TL: Oh, yeah, that was cool
BH: Yeah, and that was supposed to go even farther. I don’t really know what happened. Again, it was politics, but…
BE: Well, I got that impression when I talked to both of you guys during filming. In particular, Bret, you’d really talked up his character, and it sounded like he was going to be the thrust of the season.
TL: Yeah, and we thought he was!
BH: He was supposed to be. I think they were planning on leading him to be kind of part of the finale, from the little bit I heard them talking about it, but deals don’t work out all the time, and I don’t really want to get into too much detail, but…it just didn’t work out, for whatever reason.
BE: Like you were saying about Morgan, I also felt like he worked well as a character. Yeah, he was a complete douche, but I didn’t feel like they overused him.
BH: He was really fun to have scenes with, because I felt like we were such opposites, and we had our own things going on. It was fun to have somebody else in the scenes with Ray Wise – the Devil – and I. I wish Tyler and Ricky could have gotten in there.
TL: That was the bane of our “Reaper” existence: that we never got to go and film a scene with Ray Wise. That kind of sucked. But, you know, that’s the way the cookie crumbles, right? I think that eventually that would’ve come to fruition, but…
BH: Oh, absolutely. And, again, I know we don’t love the season finale, but they were trying to get it so that the Sam and Andi relationship wasn’t having to be so “what are you doing, why are you doing it, what’s happening” anymore. She was going to be on the same playing field. She would’ve been a reaper.
TL: Yeah! And I think that’s kind of the thing about the finale that is being overlooked a little bit. If you actually take it and dissect it a little bit, it’s kind of complex, and if we’d been able to come back and tell the story in Season 3, Andi would’ve been a Reaper, there could’ve been a whole new rebellion with Michael Ian Black as Sam’s guardian angel now, basically, and a full-scale battle between Heaven and Hell might’ve actually started to go on. It would’ve taken a whole new turn. So it is, as you put it so delicately, Will, a gyp… (Laughs)….because we didn’t get to elaborate on it. But I think it would’ve potentially been a really good opening-up of the show if we would’ve been able to come back and expand on that story. But we didn’t. So fuck it. (Laughs)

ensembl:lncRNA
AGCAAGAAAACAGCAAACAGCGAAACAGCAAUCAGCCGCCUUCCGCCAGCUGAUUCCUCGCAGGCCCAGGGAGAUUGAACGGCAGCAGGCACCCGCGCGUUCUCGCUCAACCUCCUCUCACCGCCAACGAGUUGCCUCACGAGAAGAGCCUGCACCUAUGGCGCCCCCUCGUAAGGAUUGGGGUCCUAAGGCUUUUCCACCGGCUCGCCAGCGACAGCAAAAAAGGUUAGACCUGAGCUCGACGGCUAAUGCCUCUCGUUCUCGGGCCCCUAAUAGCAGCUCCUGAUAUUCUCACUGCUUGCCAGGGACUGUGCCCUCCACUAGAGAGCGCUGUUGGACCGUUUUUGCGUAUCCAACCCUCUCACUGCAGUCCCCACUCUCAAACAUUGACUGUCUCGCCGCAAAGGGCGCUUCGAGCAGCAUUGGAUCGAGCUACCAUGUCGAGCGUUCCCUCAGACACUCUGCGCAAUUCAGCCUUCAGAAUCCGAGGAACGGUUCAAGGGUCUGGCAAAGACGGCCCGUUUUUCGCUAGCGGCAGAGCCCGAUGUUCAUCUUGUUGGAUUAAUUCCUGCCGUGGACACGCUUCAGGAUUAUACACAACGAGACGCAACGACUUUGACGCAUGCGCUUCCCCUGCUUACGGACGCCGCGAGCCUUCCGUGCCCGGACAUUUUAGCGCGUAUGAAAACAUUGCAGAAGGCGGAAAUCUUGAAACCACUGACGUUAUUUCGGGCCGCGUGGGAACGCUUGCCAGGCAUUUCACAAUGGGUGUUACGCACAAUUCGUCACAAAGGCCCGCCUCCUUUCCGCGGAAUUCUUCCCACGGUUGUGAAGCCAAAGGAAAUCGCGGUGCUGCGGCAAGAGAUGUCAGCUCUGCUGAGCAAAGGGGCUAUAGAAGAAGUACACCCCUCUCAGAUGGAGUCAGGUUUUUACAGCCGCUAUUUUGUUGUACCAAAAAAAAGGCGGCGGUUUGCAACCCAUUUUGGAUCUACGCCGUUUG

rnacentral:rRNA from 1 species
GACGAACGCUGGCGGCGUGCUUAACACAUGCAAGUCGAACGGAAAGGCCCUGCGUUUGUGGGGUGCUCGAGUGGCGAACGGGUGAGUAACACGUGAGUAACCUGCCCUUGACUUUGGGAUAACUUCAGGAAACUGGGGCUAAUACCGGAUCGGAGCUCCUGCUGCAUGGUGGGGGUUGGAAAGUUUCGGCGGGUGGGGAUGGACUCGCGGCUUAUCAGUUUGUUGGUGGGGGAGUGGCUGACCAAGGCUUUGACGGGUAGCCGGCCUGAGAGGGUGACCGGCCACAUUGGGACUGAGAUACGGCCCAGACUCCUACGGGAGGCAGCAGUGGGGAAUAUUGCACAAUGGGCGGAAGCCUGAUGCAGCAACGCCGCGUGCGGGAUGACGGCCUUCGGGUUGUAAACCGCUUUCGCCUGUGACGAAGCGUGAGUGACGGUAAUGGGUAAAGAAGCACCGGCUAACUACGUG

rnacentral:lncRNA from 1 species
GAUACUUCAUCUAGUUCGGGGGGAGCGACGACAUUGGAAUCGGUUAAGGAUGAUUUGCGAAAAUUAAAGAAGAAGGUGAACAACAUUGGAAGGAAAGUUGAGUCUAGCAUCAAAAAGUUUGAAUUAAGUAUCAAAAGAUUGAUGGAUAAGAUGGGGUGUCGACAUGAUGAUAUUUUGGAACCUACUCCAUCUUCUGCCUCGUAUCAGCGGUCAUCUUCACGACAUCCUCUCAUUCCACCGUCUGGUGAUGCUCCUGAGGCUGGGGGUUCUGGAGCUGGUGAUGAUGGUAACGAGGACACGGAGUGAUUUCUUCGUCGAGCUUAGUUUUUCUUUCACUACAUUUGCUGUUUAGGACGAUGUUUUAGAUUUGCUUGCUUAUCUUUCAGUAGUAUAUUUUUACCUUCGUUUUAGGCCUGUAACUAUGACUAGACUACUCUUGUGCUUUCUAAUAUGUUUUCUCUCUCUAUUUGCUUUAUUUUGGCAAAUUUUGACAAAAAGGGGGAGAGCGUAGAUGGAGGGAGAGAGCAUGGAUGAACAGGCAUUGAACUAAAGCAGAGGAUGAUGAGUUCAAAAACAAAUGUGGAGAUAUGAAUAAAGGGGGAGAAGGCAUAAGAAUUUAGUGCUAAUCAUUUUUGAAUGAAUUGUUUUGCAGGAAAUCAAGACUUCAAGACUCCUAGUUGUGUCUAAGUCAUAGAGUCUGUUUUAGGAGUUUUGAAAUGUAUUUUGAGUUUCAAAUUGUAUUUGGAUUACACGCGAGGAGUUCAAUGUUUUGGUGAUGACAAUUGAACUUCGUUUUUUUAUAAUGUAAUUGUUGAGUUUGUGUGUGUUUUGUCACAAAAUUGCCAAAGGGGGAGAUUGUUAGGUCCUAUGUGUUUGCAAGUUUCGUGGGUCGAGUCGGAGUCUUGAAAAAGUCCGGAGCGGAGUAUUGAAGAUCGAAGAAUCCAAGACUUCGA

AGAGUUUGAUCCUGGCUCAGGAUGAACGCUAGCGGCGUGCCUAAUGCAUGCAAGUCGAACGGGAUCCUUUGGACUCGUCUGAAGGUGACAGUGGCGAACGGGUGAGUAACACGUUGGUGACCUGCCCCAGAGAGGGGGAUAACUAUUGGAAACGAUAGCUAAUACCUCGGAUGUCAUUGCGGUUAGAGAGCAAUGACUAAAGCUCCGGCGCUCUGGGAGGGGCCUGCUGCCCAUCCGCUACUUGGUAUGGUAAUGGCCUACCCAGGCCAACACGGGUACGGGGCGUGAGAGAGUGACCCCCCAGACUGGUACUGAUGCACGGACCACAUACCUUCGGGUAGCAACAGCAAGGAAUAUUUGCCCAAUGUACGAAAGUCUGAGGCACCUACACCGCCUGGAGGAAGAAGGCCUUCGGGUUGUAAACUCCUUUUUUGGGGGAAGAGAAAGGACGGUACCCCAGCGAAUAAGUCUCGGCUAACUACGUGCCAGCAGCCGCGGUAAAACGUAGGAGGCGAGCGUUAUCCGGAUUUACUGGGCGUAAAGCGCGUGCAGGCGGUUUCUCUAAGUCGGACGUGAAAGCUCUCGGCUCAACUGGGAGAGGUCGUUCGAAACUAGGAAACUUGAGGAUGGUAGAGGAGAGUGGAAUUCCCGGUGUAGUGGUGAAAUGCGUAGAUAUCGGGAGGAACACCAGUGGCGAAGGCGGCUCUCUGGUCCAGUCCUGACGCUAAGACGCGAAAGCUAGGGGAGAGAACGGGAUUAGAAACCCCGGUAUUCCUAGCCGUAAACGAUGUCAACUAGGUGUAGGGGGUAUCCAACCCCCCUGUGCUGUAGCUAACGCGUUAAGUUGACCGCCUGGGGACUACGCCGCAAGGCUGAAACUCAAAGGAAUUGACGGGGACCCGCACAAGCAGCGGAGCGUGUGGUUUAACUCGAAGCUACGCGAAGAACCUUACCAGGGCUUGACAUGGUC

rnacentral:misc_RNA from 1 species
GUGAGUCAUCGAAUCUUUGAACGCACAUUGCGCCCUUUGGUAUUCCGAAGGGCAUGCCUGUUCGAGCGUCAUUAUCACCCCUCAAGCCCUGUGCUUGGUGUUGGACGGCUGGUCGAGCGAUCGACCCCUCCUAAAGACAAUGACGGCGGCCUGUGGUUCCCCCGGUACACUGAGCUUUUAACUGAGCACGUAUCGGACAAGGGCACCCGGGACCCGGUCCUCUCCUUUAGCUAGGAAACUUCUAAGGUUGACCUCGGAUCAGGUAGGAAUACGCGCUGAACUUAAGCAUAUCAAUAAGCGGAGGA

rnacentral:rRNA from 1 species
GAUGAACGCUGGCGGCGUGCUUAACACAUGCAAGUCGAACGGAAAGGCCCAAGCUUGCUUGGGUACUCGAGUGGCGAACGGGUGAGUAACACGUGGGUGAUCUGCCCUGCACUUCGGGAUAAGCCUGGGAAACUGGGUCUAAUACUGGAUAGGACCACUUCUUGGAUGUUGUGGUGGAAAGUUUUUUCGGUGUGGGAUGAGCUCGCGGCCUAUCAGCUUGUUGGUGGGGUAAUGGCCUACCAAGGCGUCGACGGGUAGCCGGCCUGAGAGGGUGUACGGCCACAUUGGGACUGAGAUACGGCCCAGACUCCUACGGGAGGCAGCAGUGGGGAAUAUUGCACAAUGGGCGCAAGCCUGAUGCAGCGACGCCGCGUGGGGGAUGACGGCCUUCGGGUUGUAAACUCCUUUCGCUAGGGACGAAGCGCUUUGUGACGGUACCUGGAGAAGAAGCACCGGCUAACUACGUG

BE: All the more reason for an epic two-hour movie!
TL: Yeah! Oh, and, y’know, I did want to mention one other thing about Morgan. Bret Harrison and Armie Hammer…I don’t know if I ever got to tell you this, Bret, but one of my favorite scenes of the whole season was when you, Armie, and Ray were at the diner, and Ray leaves, and you and Armie have that whole long talk where it’s, like, “Is that really how he sees me? As a puppy dog?” And you guys have this really nice honest moment. I just loved that. I felt like Armie was great and you were great, and it was sort of a turning point for that character.